Will the minister tell the House how he can secure the removal of Canadians wrongly placed on the American no fly list when the United States secretary of state cannot?

Air TransportationOral Questions

2:50 p.m.

Pontiac Québec

Conservative

Lawrence Cannon ConservativeMinister of Transport

Mr. Speaker, my hon. colleague knows that we have come forward with a passenger protect list. Within the passenger protect process, that list does provide the opportunity for Canadians who have been mistaken on that list, and that is very exceptionally rare, to follow a procedure to be able to get themselves off that list.

If there is any confusion on that, my hon. colleague is probably barking up the wrong tree, because in passenger protect we do have provisions that have been validated by the information commissioner to be able to do it.

Air TransportationOral Questions

2:50 p.m.

Liberal

Joe Volpe Liberal Eglinton—Lawrence, ON

Mr. Speaker, I think he is in denial and his assurances are not having any impact when the Americans continue to demand copies of passenger lists for U.S. overflights.

Is he aware that such lists will provide American authorities with names of Canadian business persons travelling to Cuba? Is he aware as well that the Helms-Burton Act imposes American law and its consequences on foreign companies and their officers doing business in Cuba?

How will he then defend Canadian interests and Canadian sovereignty? What protection from American interference is he offering Canadian citizens?

Air TransportationOral Questions

2:50 p.m.

Pontiac Québec

Conservative

Lawrence Cannon ConservativeMinister of Transport

Mr. Speaker, I am wondering if my hon. colleague is aware that Canadians should also know that Canada-Cuba flights are only possible with United States cooperation. Every flight between Canada and Cuba requires U.S. air traffic controllers in Miami to talk to their Cuban counterparts.

Agriculture and Agri-foodOral Questions

2:50 p.m.

Bloc

André Bellavance Bloc Richmond—Arthabaska, QC

Mr. Speaker, today the Fédération des producteurs acéricoles du Québec is holding its annual general meeting in Victoriaville.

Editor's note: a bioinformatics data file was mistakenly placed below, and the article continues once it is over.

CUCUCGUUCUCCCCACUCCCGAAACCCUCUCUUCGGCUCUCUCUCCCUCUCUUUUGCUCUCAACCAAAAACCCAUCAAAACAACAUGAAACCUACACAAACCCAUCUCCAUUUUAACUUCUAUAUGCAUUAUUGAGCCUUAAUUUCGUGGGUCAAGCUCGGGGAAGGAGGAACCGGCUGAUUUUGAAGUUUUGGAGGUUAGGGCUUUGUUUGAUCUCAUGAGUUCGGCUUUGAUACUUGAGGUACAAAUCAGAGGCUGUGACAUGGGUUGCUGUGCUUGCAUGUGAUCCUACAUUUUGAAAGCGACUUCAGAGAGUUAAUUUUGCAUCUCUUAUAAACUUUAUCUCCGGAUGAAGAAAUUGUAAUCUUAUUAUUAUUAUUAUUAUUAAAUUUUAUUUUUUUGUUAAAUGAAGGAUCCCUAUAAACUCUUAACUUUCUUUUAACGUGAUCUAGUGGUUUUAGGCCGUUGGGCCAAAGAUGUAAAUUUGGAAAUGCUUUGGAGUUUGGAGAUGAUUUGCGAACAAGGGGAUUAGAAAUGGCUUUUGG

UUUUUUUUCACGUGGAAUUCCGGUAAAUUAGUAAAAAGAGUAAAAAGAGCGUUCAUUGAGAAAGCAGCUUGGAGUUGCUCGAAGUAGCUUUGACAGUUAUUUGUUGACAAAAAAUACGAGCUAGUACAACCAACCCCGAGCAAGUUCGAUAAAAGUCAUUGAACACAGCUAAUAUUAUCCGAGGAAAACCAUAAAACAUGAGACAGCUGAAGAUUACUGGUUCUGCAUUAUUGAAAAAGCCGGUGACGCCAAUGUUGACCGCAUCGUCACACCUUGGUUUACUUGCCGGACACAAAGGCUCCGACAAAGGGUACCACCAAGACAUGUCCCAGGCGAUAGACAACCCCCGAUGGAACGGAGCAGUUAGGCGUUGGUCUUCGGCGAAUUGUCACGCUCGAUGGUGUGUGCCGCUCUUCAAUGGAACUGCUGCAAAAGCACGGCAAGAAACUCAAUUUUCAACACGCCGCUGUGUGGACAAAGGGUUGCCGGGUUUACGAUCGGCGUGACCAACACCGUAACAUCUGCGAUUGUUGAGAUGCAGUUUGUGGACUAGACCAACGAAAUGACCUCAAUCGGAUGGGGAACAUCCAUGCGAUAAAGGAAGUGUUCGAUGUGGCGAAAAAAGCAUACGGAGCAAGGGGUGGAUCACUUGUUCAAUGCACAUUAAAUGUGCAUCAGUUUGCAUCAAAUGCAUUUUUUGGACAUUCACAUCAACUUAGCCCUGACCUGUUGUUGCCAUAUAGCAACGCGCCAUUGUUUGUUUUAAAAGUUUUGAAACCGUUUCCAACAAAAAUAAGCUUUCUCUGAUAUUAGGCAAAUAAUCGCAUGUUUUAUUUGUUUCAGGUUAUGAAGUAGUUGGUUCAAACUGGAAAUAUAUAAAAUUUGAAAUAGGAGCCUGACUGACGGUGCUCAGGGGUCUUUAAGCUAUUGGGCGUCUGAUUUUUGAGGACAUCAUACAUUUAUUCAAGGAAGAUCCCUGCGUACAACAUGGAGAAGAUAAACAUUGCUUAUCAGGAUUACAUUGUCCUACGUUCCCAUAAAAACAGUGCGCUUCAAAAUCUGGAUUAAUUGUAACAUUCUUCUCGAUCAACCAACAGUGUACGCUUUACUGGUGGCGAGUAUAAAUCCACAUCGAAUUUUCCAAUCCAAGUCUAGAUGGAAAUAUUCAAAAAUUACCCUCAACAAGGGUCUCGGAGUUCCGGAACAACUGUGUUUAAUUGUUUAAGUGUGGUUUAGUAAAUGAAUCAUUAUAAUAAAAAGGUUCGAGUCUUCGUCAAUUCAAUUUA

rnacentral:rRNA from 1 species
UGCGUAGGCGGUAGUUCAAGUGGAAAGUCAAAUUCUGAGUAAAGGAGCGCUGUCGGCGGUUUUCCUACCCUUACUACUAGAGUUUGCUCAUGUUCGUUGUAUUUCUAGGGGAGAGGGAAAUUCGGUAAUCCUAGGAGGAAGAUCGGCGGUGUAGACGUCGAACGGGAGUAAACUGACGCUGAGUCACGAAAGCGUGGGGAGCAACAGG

The sugar maple growers of eastern Quebec are going through difficult times. Some have had their production decrease by up to 70%, with financial losses of 40%, or $25 million for these 1,000 producers.

The CAIS program does not meet the needs of sugar maple growers. When there is assistance, it comes much too late and only covers part of the losses. What is the government waiting for to provide a real income support program?

Agriculture and Agri-foodOral Questions

2:50 p.m.

Mégantic—L'Érable Québec

Conservative

Christian Paradis ConservativeSecretary of State (Agriculture)

Mr. Speaker, as my colleague knows, we are working on the new agricultural policy framework.

As for the sugar maple growers, my colleague knows very well that interim payments of significant amounts were made. We will continue to work in the interests of producers in this matter.

Agriculture and Agri-foodOral Questions

2:50 p.m.

Bloc

André Bellavance Bloc Richmond—Arthabaska, QC

Mr. Speaker, to listen to the Secretary of State, all is well and good; however, that is not the case. Producers have something to complain about. I would like to hear what the new Minister of Agriculture and Agri-Food has to say about this.

The CAIS program places those companies that have diversified their activities, which is most of them, at a particular disadvantage.